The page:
By Irina Echarry (photos by Elio Delgado Valdes and I.E.)
HAVANA TIMES — The 28th Havana International Jazz Plaza Festival has just concluded, it’s an annual event that emerged in 1980 when trumpeter, pianist, singer, bandleader and sideman Bobby Carcasses decided to create a space for this sound that was frowned on by the leaders of contemporary culture of the time.
Trumpeter Julito Padron reminded us of that when, along with pianist Lazaro Valdes, Bobby, and Mozambican composer and saxophonist Ivan Mazuze, each with their group, they started sharing their rhythms on Friday evening.
Meanwhile, in the gardens outside the Mella Theater — since jazz is a genre of musical mixtures — the audience was delighted by the Cuban group Sintesis (with its unique integration of ancestral and contemporary sources of popular Cuban music) playing along with Canadian jazz artist Jane Bunnett, who has participated in these festivals since the 80’s.
A little later, inside the theater itself, Joaquin Betancourt was showcased with the youth jazz band and guests, and Arturo O’Farrill generated effusive applause.
In the usual headquarters of the festival, the Plaza Casa de la Cultura, a group of women demonstrated that jazz in Cuba isn’t a distinctly masculine genre. These artists included percussionist Yissy Garcia, singer Xiomara Laugart and the Anacaonas.
Although salsa bands are invited to participate in many jazz festivals around the world — and the Anacaonas in particular dabbled in the genre in their beginning — a segment of the Cuban public that regularly attends this event didn’t like the idea of having groups such as them, Manolito Simone or Pupy y los Son Son there in the middle of a jazz festival.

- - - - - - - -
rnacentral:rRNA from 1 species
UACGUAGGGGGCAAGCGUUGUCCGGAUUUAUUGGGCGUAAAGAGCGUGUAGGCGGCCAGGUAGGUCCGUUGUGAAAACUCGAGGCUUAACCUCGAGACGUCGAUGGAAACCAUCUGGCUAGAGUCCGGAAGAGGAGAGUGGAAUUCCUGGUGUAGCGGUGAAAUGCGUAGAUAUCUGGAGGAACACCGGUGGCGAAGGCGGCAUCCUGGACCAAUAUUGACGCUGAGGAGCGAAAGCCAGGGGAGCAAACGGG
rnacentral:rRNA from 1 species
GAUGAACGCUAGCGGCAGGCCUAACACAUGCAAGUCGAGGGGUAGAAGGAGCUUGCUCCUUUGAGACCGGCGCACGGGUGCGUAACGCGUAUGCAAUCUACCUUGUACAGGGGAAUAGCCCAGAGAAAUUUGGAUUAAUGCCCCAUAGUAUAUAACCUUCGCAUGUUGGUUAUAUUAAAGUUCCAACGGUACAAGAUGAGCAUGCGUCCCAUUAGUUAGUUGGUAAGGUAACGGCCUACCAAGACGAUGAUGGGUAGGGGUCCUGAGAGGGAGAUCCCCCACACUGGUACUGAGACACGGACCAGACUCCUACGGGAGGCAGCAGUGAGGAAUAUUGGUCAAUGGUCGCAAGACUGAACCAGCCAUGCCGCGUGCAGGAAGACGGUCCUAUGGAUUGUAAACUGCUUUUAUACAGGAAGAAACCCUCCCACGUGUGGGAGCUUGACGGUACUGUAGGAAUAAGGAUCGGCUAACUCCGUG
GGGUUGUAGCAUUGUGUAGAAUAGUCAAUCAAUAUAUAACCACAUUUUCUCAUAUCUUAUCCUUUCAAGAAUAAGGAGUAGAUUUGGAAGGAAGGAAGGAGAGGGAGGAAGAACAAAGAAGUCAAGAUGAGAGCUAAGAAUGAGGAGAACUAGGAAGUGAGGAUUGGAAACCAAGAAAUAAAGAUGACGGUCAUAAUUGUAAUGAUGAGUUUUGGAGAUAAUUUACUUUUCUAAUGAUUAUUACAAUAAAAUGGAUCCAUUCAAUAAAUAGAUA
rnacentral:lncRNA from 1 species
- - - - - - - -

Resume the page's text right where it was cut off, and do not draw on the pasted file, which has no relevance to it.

Another annoyance, in addition to not conforming to the advertised program, was that Bobby — who’s usually highly respectful of the audience — forgot that not everyone in attendance at the Bertolt Brecht Hall were English speakers. That’s the only way we can explain why he only spoke in English.
Nonetheless, music ruled this weekend in the capital. Another highlight was the performance by Cuban-American pianist Nachito Herrera with the Cuban Symphony Orchestra and his tribute to Emiliano Salvador. He also presented his new project: the Havana Jazz Social Club, founded just a few days ago and made up of Cuban musicians.
With artists from more than ten countries — including Brazil, Canada, the USA, Mexico, and Botswana — Jazz Plaza is a prestigious festival that serves to introduce the work of musicians from around the world.
Luckily, despite jazz not always being very well understood here, we Cubans have kept this annual event going with the best of the genre.
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